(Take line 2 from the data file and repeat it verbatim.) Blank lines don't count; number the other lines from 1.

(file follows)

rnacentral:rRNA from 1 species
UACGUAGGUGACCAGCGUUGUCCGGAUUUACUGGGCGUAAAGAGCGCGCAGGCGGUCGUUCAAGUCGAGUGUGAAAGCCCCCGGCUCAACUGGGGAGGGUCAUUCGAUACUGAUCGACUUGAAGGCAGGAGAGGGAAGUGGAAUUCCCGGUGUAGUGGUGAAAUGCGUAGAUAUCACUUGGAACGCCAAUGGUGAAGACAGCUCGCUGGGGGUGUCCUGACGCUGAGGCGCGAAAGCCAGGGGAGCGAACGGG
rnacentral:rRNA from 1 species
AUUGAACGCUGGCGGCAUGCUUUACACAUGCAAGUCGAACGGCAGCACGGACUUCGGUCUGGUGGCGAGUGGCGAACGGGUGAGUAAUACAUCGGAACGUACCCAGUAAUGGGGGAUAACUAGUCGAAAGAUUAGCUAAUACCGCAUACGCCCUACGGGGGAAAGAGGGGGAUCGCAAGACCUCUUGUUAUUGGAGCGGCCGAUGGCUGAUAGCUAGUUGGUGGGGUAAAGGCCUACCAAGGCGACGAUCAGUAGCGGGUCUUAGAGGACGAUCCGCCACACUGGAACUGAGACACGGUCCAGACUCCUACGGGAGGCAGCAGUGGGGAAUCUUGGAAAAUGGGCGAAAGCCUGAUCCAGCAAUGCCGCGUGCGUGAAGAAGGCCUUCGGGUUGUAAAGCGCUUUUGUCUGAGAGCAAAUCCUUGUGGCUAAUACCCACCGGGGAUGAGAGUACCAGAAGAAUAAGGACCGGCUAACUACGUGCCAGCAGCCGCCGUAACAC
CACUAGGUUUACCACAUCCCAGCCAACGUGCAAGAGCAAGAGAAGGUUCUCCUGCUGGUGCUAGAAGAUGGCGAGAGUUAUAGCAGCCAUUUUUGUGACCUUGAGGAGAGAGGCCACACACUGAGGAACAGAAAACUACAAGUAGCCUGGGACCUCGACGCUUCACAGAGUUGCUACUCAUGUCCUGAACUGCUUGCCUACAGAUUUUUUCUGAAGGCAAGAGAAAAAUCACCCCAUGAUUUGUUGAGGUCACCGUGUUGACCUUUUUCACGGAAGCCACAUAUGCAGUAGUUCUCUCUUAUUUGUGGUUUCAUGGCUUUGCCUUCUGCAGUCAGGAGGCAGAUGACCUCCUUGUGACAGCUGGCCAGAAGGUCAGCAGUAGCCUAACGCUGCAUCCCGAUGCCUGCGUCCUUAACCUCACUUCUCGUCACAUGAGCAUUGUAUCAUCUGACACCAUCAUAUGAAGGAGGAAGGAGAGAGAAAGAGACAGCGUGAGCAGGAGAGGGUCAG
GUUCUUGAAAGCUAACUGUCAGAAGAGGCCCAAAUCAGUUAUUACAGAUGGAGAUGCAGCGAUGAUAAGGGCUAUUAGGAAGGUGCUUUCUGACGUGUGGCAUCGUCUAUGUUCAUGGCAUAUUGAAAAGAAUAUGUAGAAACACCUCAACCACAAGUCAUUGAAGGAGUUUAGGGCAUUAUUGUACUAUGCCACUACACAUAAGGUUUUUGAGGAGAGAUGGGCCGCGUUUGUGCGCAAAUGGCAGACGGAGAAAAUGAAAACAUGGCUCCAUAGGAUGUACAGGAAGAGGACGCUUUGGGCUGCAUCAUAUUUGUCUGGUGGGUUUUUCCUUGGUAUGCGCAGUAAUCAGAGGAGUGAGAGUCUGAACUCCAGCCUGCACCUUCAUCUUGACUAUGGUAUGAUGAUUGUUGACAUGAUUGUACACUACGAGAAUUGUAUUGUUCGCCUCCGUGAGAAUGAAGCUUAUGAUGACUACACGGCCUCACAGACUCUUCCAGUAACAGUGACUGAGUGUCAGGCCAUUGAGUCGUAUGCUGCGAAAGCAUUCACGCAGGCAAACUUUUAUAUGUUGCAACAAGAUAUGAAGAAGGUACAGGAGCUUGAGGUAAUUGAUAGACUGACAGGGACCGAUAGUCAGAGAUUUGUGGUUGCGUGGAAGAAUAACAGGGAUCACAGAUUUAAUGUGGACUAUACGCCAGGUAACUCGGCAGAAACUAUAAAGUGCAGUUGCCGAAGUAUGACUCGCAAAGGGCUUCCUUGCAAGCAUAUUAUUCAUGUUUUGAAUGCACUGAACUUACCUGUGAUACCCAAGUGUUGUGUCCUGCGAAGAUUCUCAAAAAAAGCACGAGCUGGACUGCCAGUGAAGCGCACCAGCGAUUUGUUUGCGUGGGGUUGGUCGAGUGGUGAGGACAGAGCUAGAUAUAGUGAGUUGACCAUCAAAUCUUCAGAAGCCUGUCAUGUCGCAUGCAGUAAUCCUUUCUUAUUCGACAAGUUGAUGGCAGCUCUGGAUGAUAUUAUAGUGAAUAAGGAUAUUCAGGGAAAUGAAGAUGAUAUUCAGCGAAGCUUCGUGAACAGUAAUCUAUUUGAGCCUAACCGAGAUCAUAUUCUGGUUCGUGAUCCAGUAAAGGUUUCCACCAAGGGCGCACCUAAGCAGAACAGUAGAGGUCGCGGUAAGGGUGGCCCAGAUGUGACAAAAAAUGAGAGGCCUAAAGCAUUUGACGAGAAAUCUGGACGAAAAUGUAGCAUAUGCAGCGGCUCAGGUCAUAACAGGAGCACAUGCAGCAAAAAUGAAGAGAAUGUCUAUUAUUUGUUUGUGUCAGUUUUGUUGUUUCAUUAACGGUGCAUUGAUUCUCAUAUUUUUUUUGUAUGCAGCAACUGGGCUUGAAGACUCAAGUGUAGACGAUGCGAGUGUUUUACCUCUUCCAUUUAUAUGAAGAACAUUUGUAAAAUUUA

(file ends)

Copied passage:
UACGUAGGUGACCAGCGUUGUCCGGAUUUACUGGGCGUAAAGAGCGCGCAGGCGGUCGUUCAAGUCGAGUGUGAAAGCCCCCGGCUCAACUGGGGAGGGUCAUUCGAUACUGAUCGACUUGAAGGCAGGAGAGGGAAGUGGAAUUCCCGGUGUAGUGGUGAAAUGCGUAGAUAUCACUUGGAACGCCAAUGGUGAAGACAGCUCGCUGGGGGUGUCCUGACGCUGAGGCGCGAAAGCCAGGGGAGCGAACGGG